Womens activists receive 2011 Nobel Peace Prize

October 7th, 2011 by | Permalink

Liberian President Ellen Johnson Sirleaf, Levmah Gbowee and Tawakkul Karman recipents of this year's Nobel Peace Prize - the guardian.com

Tawakkul Karman, Levmah Gbowee, and President Ellen Johnson Sirleaf are the recipients of this year’s Nobel Peace Prize for their work to advance world peace and their fight for women’s rights.

As the first democratically elected female president in Africa, Liberian President Ellen Johnson Sirleaf has fought against the rape and abuse of women while standing up to Yemen’s autocratic regime.  As a Harvard-educated economist, Sirleaf has been commended for the progress she has achieved after the 14-year war in Liberia.

“This gives me a stronger commitment to work for reconciliation,” Sirleaf said Friday from her home in Monrovia. “Liberians should be proud.”

The first Arab woman ever to win the peace prize; a Yemeni journalist and human rights activist, Tawakkul Karman has worked to get political prisoners released in her home country through organizing sit-ins and marches.  The mother of three has received death threats due to her work and in her role as a major figurehead of the Arab Spring opposition. At 32-years-old Karman is one of the youngest recipients of the prize.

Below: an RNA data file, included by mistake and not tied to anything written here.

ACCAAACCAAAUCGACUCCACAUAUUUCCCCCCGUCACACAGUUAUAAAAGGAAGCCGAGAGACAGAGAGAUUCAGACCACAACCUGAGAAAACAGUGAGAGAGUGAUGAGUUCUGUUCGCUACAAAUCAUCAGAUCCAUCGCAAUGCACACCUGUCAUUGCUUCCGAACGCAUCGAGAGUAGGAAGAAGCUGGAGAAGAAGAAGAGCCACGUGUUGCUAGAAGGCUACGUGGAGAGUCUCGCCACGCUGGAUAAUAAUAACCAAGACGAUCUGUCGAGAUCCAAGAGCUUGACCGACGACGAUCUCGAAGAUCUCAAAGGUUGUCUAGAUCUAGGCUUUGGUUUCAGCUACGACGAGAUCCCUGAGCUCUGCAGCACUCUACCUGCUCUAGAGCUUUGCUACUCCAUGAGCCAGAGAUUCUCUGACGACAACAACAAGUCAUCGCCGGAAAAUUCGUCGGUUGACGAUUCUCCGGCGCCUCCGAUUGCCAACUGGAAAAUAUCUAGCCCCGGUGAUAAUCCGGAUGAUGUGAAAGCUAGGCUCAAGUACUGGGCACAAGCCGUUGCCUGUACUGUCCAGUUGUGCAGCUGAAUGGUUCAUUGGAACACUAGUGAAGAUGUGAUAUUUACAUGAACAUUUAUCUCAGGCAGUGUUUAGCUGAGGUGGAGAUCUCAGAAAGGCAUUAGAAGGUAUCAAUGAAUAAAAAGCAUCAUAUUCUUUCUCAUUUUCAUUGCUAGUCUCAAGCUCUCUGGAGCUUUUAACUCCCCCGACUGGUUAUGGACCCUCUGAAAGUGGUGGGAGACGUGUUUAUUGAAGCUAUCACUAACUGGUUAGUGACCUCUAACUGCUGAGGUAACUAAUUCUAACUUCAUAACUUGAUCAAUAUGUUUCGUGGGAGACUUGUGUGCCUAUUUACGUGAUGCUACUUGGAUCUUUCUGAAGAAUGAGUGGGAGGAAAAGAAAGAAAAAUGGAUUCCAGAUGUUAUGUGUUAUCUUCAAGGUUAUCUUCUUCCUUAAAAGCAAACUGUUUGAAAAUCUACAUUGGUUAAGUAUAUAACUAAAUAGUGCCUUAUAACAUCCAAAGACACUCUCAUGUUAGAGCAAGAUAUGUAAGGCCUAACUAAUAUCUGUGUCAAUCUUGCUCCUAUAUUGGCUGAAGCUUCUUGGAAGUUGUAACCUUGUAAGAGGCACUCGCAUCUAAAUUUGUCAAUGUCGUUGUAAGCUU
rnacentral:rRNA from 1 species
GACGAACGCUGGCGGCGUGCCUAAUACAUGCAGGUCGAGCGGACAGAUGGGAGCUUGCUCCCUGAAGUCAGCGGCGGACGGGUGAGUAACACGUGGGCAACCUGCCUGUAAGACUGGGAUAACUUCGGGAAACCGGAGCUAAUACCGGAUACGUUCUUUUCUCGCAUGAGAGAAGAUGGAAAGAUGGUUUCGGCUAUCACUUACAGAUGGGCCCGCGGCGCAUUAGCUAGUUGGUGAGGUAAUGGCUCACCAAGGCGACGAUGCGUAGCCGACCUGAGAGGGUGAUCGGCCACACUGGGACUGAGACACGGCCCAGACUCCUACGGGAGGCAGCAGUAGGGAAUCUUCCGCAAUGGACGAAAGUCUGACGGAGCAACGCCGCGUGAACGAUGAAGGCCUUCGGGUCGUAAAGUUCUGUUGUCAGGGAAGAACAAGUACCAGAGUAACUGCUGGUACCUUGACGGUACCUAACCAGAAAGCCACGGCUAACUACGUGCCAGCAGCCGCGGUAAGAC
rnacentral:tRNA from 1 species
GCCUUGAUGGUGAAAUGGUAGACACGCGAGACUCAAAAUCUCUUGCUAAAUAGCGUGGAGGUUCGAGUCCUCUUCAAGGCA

“I am very very happy about this prize,” Karman told The Associated Press. “I give the prize to the youth of revolution in Yemen and the Yemeni people.” Karman has been dubbed “Iron Woman, “The Mother of Revolution” and “The Spirit of the Yemeni Revolution” by fellow protesters.

During a February rally in Sanaa, she told the AP: “We will retain the dignity of the people and their rights by bringing down the regime.”

The third recipient is a key figure in organizing the movement to end the Second Liberian Civil War; in 2002 Leymah Gbowee started the peace movement by getting women to pray for peace by non-violent protests according to ABC News.

The women will split the prize, which is 10 milion Kronor ($1.5 milion).

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